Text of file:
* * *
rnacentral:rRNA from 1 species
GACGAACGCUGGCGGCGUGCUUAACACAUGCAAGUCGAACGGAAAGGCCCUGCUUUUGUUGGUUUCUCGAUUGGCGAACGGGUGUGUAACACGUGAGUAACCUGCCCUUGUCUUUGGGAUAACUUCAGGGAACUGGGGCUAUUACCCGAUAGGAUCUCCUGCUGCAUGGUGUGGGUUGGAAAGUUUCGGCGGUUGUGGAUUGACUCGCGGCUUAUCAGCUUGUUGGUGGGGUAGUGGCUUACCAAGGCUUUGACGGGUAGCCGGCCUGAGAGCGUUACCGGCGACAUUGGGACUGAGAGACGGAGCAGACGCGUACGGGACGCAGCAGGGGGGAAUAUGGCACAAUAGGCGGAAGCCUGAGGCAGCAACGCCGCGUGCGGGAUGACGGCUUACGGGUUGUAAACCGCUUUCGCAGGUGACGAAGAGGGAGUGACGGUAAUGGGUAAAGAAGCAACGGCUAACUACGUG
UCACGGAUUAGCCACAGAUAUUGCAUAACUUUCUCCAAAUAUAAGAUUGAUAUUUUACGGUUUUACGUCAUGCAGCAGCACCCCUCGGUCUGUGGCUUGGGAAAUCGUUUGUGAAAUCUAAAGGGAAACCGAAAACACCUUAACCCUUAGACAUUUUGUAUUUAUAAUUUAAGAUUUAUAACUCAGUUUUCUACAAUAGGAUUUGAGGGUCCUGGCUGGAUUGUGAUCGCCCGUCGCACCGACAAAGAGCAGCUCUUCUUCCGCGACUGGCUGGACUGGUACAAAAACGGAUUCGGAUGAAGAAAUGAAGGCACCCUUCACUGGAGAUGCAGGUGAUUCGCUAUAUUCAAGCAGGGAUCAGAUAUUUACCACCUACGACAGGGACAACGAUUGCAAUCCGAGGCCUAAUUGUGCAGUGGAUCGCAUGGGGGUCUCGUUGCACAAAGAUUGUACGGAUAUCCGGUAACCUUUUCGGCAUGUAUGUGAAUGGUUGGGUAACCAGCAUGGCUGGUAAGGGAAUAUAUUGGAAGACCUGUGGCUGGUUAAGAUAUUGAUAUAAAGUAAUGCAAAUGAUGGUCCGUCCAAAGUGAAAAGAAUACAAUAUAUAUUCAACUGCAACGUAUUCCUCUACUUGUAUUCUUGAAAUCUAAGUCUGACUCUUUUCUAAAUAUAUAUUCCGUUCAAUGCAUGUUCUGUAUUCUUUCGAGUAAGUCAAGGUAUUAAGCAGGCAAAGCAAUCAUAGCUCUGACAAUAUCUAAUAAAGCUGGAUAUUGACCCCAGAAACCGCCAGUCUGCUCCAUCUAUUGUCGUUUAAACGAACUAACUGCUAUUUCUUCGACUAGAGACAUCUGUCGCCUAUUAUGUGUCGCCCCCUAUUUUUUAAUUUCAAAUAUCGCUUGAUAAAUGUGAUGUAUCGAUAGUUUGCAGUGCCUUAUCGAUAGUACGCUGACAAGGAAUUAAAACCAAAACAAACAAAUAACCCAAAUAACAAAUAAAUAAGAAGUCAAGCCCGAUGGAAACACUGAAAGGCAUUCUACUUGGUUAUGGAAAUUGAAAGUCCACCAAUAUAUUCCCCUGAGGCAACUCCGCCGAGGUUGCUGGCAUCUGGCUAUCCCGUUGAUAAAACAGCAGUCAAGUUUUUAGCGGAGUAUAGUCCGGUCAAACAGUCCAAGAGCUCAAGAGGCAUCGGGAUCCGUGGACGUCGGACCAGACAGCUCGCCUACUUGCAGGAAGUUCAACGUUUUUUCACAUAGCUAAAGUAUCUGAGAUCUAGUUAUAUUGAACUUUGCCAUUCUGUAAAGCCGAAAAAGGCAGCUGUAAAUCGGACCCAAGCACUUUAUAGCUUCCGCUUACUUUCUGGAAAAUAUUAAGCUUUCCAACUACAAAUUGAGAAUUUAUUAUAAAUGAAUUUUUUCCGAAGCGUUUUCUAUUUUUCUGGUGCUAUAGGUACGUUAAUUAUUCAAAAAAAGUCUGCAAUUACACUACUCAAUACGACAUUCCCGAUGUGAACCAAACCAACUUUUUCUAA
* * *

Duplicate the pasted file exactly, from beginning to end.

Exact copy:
rnacentral:rRNA from 1 species
GACGAACGCUGGCGGCGUGCUUAACACAUGCAAGUCGAACGGAAAGGCCCUGCUUUUGUUGGUUUCUCGAUUGGCGAACGGGUGUGUAACACGUGAGUAACCUGCCCUUGUCUUUGGGAUAACUUCAGGGAACUGGGGCUAUUACCCGAUAGGAUCUCCUGCUGCAUGGUGUGGGUUGGAAAGUUUCGGCGGUUGUGGAUUGACUCGCGGCUUAUCAGCUUGUUGGUGGGGUAGUGGCUUACCAAGGCUUUGACGGGUAGCCGGCCUGAGAGCGUUACCGGCGACAUUGGGACUGAGAGACGGAGCAGACGCGUACGGGACGCAGCAGGGGGGAAUAUGGCACAAUAGGCGGAAGCCUGAGGCAGCAACGCCGCGUGCGGGAUGACGGCUUACGGGUUGUAAACCGCUUUCGCAGGUGACGAAGAGGGAGUGACGGUAAUGGGUAAAGAAGCAACGGCUAACUACGUG
UCACGGAUUAGCCACAGAUAUUGCAUAACUUUCUCCAAAUAUAAGAUUGAUAUUUUACGGUUUUACGUCAUGCAGCAGCACCCCUCGGUCUGUGGCUUGGGAAAUCGUUUGUGAAAUCUAAAGGGAAACCGAAAACACCUUAACCCUUAGACAUUUUGUAUUUAUAAUUUAAGAUUUAUAACUCAGUUUUCUACAAUAGGAUUUGAGGGUCCUGGCUGGAUUGUGAUCGCCCGUCGCACCGACAAAGAGCAGCUCUUCUUCCGCGACUGGCUGGACUGGUACAAAAACGGAUUCGGAUGAAGAAAUGAAGGCACCCUUCACUGGAGAUGCAGGUGAUUCGCUAUAUUCAAGCAGGGAUCAGAUAUUUACCACCUACGACAGGGACAACGAUUGCAAUCCGAGGCCUAAUUGUGCAGUGGAUCGCAUGGGGGUCUCGUUGCACAAAGAUUGUACGGAUAUCCGGUAACCUUUUCGGCAUGUAUGUGAAUGGUUGGGUAACCAGCAUGGCUGGUAAGGGAAUAUAUUGGAAGACCUGUGGCUGGUUAAGAUAUUGAUAUAAAGUAAUGCAAAUGAUGGUCCGUCCAAAGUGAAAAGAAUACAAUAUAUAUUCAACUGCAACGUAUUCCUCUACUUGUAUUCUUGAAAUCUAAGUCUGACUCUUUUCUAAAUAUAUAUUCCGUUCAAUGCAUGUUCUGUAUUCUUUCGAGUAAGUCAAGGUAUUAAGCAGGCAAAGCAAUCAUAGCUCUGACAAUAUCUAAUAAAGCUGGAUAUUGACCCCAGAAACCGCCAGUCUGCUCCAUCUAUUGUCGUUUAAACGAACUAACUGCUAUUUCUUCGACUAGAGACAUCUGUCGCCUAUUAUGUGUCGCCCCCUAUUUUUUAAUUUCAAAUAUCGCUUGAUAAAUGUGAUGUAUCGAUAGUUUGCAGUGCCUUAUCGAUAGUACGCUGACAAGGAAUUAAAACCAAAACAAACAAAUAACCCAAAUAACAAAUAAAUAAGAAGUCAAGCCCGAUGGAAACACUGAAAGGCAUUCUACUUGGUUAUGGAAAUUGAAAGUCCACCAAUAUAUUCCCCUGAGGCAACUCCGCCGAGGUUGCUGGCAUCUGGCUAUCCCGUUGAUAAAACAGCAGUCAAGUUUUUAGCGGAGUAUAGUCCGGUCAAACAGUCCAAGAGCUCAAGAGGCAUCGGGAUCCGUGGACGUCGGACCAGACAGCUCGCCUACUUGCAGGAAGUUCAACGUUUUUUCACAUAGCUAAAGUAUCUGAGAUCUAGUUAUAUUGAACUUUGCCAUUCUGUAAAGCCGAAAAAGGCAGCUGUAAAUCGGACCCAAGCACUUUAUAGCUUCCGCUUACUUUCUGGAAAAUAUUAAGCUUUCCAACUACAAAUUGAGAAUUUAUUAUAAAUGAAUUUUUUCCGAAGCGUUUUCUAUUUUUCUGGUGCUAUAGGUACGUUAAUUAUUCAAAAAAAGUCUGCAAUUACACUACUCAAUACGACAUUCCCGAUGUGAACCAAACCAACUUUUUCUAA